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Returning to Japan
May 7-21, 2017

A handcrafted unique itinerary
Including Hiroshima and
Concludes with the Sanja
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December 15-17, 2017.

Annual Cambria Christmas
Railroad Adventure

Including Hearst Castle @ Night!
Makes Great Christmas Gift!
Holiday Discount!

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    March 18; April 8; April 22

BayWalk 10
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Special commemoration of
10th BayWalk, 25th Anniversary
Of the Monterey Bay Sanctuary
Special Early Bird Price!
Would make a great
Christmas Gift!

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  Current Newsletter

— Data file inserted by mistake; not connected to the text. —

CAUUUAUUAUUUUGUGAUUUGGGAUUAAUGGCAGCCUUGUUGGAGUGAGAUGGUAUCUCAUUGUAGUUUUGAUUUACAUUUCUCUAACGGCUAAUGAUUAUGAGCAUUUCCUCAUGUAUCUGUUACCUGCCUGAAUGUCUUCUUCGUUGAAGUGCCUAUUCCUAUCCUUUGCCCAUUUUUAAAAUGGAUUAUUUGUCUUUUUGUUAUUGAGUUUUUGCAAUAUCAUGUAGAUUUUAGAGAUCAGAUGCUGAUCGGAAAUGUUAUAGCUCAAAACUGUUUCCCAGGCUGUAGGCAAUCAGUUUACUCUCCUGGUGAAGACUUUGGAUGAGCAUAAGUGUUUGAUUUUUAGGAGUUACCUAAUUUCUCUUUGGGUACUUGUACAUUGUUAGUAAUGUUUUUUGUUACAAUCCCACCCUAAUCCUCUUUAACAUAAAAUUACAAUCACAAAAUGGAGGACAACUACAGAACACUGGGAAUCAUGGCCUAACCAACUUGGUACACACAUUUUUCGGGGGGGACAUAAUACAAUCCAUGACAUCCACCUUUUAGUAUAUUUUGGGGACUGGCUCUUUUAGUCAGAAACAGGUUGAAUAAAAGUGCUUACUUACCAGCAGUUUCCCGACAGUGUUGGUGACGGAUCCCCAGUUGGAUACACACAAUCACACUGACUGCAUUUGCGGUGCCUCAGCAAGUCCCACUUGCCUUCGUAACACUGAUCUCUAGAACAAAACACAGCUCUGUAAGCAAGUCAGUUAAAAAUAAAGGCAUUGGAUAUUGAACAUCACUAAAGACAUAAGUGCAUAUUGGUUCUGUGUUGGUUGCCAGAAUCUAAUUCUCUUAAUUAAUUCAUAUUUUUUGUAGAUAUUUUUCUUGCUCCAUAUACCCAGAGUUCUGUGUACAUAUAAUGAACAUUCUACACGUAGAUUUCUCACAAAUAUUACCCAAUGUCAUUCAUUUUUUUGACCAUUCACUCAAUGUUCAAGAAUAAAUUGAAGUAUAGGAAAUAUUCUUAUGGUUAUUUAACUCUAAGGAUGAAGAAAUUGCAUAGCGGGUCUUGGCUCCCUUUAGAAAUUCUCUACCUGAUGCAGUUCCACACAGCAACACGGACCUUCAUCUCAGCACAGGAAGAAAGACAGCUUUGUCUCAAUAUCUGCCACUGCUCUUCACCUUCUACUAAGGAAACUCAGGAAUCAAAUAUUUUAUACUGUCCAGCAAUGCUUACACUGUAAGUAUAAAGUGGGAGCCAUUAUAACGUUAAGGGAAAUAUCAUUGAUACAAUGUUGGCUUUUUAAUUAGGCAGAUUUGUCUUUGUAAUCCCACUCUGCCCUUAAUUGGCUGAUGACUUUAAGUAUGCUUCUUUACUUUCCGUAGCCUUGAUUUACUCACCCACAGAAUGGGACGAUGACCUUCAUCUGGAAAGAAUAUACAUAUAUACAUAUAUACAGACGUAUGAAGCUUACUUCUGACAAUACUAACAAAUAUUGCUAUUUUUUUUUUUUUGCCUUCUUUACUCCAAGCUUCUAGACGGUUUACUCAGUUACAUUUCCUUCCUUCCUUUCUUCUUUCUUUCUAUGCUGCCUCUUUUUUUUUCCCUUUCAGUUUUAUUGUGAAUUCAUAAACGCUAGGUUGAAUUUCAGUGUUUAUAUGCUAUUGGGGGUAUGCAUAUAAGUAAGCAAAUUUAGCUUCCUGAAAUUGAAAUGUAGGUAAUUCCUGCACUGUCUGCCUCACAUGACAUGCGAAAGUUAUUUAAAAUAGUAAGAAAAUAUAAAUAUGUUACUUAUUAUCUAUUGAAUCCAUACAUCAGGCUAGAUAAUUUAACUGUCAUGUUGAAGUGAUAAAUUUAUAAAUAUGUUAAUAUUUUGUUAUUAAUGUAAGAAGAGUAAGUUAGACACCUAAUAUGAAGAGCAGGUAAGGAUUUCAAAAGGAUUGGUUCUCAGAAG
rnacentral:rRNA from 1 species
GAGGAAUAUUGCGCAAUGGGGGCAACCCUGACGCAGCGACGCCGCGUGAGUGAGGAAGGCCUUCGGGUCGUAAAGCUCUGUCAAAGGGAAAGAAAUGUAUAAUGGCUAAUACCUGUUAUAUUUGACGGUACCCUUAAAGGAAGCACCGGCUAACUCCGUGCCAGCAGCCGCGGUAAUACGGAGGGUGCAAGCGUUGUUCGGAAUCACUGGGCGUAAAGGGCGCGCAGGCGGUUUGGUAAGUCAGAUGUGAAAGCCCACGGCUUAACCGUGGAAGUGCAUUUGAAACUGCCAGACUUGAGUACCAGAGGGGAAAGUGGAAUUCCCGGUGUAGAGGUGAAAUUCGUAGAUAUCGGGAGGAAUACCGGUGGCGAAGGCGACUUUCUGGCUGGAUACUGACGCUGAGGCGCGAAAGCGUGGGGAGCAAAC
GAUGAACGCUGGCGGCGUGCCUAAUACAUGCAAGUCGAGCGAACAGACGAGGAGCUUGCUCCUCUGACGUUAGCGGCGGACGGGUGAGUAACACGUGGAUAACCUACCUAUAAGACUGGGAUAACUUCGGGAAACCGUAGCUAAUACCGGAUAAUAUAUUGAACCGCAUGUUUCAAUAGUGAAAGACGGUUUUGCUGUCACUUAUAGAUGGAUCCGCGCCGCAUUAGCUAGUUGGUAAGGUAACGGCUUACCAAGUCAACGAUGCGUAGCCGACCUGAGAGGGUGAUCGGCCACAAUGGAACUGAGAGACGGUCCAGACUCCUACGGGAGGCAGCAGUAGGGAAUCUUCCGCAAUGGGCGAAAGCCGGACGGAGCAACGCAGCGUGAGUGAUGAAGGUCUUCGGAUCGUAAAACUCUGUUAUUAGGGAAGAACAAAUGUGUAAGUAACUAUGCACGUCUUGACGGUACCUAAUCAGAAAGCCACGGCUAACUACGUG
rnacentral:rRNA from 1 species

Issue No. 38

The 1850s saw over a dozen Californios lynched (executed by a mob without trial) in Santa Cruz County.  The economic downturn of the 1850s combined with a serious drought intensified anti-Hispanic racism carried on, ironically, by immigrant Yankees over California-born men.  This was the last 19th century lynching in Santa Cruz beneath the Water Street Bridge over the San Lorenzo River.  Photo was taken May 3, 1877.  For the best analysis of this event see Geoffrey Dunn’s classic, Santa Cruz is in the Heart, Vol. I.

The Great American Song Cycle

Election results got you down?  Surprised by what happened on Election Day?  Ready to pack it all up and move out?

Before you start strapping the mattress to the top of the car, it might help to get some long-view context (aka history) from the History Dude.